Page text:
And the way to advance in the game is not by fighting, but by helping other people and making friends. While some fights might come up, they are not the focus of play. If there is such a thing as a "power build" character it would actually be a high Presence build, probably based on the Noble template. The ability to demand a surrender before an opponent has had their Wits score reduced is significant. High Presence skill means that you're fun at parties, too.

At one time, I thought it might be fun to come up with a community in the Munchkin Country to make fun of all the gaming cliches out there, but after over 30 years, there's simply too much. To get an idea, check out the webcomics Order of the Stick, DM of the Rings and Nodwick. All very funny stuff.

Sunday, January 10, 2010

I'm okay, really

For those of you who have heard of the 6.5 earthquake that hit northern California yesterday, I just want you to know that I am okay. My house lost power for about 12 hours and my D&D group was too busy cleaning up and getting in touch with family to play today, but that's pretty much the worst of it. The only worry I have now is whether or not my workplace will be functional when I get there tomorrow.

UPDATE: My workplace was fine and I went back to work the next day. Here are a couple of links to news stories about the quake. Yahoo! (I live just a few blocks from Eureka Natural Foods) and the Times-Standard (the local newspaper)

Thursday, January 7, 2010

Building Character

Most people take advantage of the new year to work on their characters. Here at Adventures in Oz HQ, we couldn't agree more. To help you out with this, I'm going to take some time to talk about the choices you'll face as you build a character for Adventures in Oz.

Most of the time, you'll start with an idea of what you want your character to be like. Some people like to be fancy and call this a "character concept", but the important thing is that it's a character that you want to portray.

The easiest way to choose a template is to decide which existing Oz character your original character most resembles. Is the character a young child like Dorothy or Ojo? Use the Child in Oz template. Are they an artificial person, like the Scarecrow or Tik-Tok? Then use the Crafted Person template.

But what do you do if your character doesn't fit neatly into one of the templates? What if you want to play out the further adventures of the Tin Soldier from The Tin Woodman of Oz? Would you use the Crafted Person template or the Soldier template? You get to make a choice. Do you think he is defined more by his tin nature or his military career?

You can also look at the skills that each template gets. Neither the Crafted Person or Soldier template get any standout skills (rated at 3), but both templates get two skills rated at 1. For the Crafted Person, they are Sneaking and Presence, while the Soldier template has Brains and Wits at 1. Brains are not a significant portion of the Tin Soldier's character, and he doesn't seem like the type to be sneaking, considering his clanking tin body, so those skills don't really help us make that decision.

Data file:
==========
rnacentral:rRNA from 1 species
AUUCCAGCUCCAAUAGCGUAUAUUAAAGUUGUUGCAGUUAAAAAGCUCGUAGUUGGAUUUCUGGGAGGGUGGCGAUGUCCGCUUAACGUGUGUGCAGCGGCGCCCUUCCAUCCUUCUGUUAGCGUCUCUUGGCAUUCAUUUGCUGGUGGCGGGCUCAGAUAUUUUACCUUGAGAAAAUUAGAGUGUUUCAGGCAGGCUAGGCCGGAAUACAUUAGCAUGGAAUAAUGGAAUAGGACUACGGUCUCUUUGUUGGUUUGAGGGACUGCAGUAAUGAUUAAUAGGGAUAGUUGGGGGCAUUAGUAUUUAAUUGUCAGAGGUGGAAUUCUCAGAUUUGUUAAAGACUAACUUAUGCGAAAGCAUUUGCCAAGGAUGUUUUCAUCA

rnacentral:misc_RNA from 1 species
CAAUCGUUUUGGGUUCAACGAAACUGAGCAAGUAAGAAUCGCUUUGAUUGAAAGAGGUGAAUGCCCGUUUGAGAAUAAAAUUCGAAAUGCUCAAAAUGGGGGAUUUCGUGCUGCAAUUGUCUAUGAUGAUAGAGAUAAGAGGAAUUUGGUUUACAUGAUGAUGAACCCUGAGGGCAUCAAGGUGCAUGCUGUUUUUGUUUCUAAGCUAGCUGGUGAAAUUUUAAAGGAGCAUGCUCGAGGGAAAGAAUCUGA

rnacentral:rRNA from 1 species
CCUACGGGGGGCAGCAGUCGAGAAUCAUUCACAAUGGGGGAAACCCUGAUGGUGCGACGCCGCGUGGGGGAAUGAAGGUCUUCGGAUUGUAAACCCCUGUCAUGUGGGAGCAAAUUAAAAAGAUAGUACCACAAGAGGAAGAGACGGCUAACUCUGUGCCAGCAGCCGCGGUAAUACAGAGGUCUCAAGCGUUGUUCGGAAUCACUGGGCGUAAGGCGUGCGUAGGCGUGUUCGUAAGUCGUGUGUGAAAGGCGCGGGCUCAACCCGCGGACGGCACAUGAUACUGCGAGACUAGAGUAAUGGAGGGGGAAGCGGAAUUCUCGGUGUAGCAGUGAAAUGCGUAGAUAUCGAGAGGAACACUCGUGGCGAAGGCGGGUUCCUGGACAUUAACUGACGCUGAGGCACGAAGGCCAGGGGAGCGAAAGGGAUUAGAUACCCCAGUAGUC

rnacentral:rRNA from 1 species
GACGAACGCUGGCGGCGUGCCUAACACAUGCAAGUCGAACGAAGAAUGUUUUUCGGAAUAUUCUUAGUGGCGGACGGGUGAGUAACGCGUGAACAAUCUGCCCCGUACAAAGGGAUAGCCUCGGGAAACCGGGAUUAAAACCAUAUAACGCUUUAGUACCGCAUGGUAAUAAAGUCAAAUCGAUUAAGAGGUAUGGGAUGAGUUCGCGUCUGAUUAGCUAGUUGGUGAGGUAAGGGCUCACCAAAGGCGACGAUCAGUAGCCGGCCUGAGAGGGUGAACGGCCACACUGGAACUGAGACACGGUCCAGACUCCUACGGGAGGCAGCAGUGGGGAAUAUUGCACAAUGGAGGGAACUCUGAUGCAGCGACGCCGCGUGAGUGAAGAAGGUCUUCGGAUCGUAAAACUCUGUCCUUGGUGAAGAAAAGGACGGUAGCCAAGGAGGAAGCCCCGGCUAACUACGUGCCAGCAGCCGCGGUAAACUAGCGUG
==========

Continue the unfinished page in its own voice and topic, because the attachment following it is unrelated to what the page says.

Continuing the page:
So it comes down to choosing between Wits and Presence. While you can certainly raise either of those skills with points (notice that no points have been spent yet!), let's see what can be had for free. The reason that the Soldier template has such a low Wits is to accommodate the buffoonish soldiers that appeared in the Oz stories (notably the Army of Oogaboo in Tik-Tok of Oz). The Tin Soldier was not a buffoon, so that doesn't fit as well. However, his cold tin heart might be a justification for sticking him with a low Presence score. So finally, after 3 paragraphs, let's settle on the Crafted Person template.

Now that we have our template selected, it's time to spend those skill points. The Crafted template includes the Crafted Trait, but we will have to purchase the Deadly Weapon trait to represent Captain Fyter's sword. Also, he is as vulnerable to water as the Tin Woodman is, so we must make sure to purchase a Weakness. So two points have been spent and one has been returned (since a Weakness is a drawback, characters who have them get points back).

For skills, he will likely want to improve his Athletics and Wits, since both are very useful to a fighting character. Let's also put a point into Presence, so that he can more easily command troops and demand a surrender from a foe.

Wait a second! Didn't we just go through three paragraphs deciding that Presence was not very important to this character? Kind of. One of the fun parts of using the template system is that it encourages you to make choices and decisions about the character to help you get a firmer idea of who the character is.

Only two choices left. Pick a skill specialty and choose a friend. His friend is easy: Nick Chopper. After their adventure to propose to Nimmie Amee, it's hard to believe that they wouldn't become fast friends. The skill specialty is a bit tougher. For simplicity, I will give him the "Sword" specialty for his Athletics skill. This also helps him mirror the Tin Woodman somewhat, in that I gave him the "Ax" specialty when I wrote him up.

Name: Captain Fyter, the Tin Soldier

Template: Crafted Person

Size: 3

Athletics 3 (Sword)
Awareness 2
Brains 2
Presence 2
Sneaking 1
Wits 3

Friends List

Nick Chopper, the Tin Woodman

You know, this is kind of fun. If anyone wants to throw out any other Oz characters for me to write up, drop me a line.